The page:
'There are certain pursuits which, if not wholly poetic and true, do at least suggest a nobler and finer relation to nature than we know. The keeping of bees, for instance.' Henry David Thoreau
We are beekeepers -- new beekeepers. We started off as avid gardeners then moved to an acreage where we could grow our own food. Bees seemed like a natural progression.
It’s that time of year again… the beehives are bursting out
all over the place, and we are out catching swarms. It’s a good time to remind
people to please not panic if you see a swarm of bees. You know what I mean –
the pictures of vehicles covered with bees, or a school bus fender hiding behind
a massive beard of our little lovelies. When bees swarm, they are very docile –
probably the most docile they will be in their lives – because they have a
queen with them, and they have no brood or food stores or home to protect.
Craig called us to gather his swarm
A swarm is really just nature’s way of allowing a colony to
reproduce. The bees, when they land in your yard and hang off a branch or
fence, or as they were today, a plant pot, they are only there temporarily
(unless the queen gets stuck somewhere, like in the back seat of a car). Their
original home will be usually less than a quarter mile away, and they have
stopped to re-orientate themselves as they head to their new home. Whether they
have already decided where it will be and are sending scout bees out to it, or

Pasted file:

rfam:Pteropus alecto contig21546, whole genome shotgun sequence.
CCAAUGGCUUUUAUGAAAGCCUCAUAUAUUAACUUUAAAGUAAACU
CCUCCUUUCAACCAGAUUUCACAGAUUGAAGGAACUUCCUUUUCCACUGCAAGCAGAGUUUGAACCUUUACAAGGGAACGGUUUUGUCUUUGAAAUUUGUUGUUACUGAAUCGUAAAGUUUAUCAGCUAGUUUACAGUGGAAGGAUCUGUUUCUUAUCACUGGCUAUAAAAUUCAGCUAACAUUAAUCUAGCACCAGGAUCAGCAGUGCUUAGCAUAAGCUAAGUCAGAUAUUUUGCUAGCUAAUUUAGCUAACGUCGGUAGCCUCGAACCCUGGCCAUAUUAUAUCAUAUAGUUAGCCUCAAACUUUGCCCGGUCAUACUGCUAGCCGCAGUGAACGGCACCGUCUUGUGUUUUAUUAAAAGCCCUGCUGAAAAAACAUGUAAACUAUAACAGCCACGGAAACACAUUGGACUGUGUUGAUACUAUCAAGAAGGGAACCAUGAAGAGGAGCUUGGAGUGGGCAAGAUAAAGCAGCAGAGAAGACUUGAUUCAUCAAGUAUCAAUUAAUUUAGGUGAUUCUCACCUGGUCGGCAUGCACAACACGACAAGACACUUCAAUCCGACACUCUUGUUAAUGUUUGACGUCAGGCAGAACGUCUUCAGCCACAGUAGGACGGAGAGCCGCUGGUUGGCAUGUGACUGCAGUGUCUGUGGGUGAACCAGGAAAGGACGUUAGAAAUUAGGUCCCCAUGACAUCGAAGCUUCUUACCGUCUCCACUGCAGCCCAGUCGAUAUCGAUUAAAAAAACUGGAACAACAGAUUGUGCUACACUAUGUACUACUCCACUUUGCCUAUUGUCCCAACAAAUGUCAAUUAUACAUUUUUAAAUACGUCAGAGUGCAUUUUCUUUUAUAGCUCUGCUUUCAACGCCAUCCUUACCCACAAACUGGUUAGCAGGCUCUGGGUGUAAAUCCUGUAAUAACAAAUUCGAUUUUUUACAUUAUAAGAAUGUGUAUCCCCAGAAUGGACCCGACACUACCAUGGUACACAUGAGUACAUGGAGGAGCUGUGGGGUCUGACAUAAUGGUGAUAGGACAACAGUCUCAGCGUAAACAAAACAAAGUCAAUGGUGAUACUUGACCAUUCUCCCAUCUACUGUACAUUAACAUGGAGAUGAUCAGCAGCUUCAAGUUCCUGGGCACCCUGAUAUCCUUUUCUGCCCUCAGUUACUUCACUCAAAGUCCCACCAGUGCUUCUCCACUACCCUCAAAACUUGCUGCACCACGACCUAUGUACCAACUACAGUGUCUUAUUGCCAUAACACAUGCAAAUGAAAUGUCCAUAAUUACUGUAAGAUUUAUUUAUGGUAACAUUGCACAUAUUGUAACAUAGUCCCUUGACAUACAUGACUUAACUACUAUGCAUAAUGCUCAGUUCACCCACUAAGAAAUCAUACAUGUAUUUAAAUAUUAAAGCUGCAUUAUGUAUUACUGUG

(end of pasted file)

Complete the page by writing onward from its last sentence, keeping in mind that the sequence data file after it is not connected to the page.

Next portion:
if they are there while scout bees hunt out a new viable home for them to move
to, is still under discussion. What we do know is that they will move from
their first landing point to their permanent home, usually in a couple hours.
Greg gathering a swarm in a juniper bush.
If you watch them once they have landed and are bearded
around their queen, you will see many of them shaking their abdomens (which
could be considered their tails, in this case). That is their way of
communicating with each other, but it also is how they send out pheromones to
let other bees know where they are and where the queen is. This helps those
scout bees find their way back to the swarm. They will move on, so please, if
you can’t contact a beekeeper to gather them up, leave them alone for a few
hours and they will eventually fly away. Don’t spray them with insecticide, or
spray your plants around them. Instead, pour yourself a cup of coffee and
watch; they are truly fascinating.